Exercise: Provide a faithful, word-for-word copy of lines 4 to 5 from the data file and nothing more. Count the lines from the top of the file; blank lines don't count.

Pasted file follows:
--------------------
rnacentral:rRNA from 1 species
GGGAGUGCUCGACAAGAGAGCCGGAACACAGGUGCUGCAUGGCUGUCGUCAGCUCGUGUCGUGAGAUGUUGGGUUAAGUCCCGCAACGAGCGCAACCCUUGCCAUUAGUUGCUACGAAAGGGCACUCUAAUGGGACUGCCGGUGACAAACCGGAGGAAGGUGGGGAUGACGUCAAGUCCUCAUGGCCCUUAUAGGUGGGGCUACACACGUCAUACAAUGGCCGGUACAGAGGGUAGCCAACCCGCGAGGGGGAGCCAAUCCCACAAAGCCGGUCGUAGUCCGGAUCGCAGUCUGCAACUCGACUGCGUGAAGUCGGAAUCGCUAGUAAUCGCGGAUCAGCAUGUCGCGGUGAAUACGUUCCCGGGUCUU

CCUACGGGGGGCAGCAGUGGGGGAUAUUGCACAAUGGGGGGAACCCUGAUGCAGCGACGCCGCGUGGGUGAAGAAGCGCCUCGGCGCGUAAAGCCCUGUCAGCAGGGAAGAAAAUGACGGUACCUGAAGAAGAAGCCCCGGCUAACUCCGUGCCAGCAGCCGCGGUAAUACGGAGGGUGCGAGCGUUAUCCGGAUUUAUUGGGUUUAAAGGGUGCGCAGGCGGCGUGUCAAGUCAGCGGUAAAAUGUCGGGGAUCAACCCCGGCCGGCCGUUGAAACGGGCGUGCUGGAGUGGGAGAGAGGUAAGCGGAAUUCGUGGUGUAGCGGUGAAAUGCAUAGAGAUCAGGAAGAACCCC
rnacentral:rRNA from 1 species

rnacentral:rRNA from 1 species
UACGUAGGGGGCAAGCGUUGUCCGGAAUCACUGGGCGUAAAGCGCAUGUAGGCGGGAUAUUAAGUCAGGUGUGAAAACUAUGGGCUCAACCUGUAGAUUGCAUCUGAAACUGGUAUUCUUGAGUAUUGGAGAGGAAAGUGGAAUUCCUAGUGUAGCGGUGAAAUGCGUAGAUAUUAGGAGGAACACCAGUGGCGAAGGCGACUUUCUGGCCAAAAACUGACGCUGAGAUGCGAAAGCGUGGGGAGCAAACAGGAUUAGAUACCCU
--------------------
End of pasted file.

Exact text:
rnacentral:rRNA from 1 species

rnacentral:rRNA from 1 species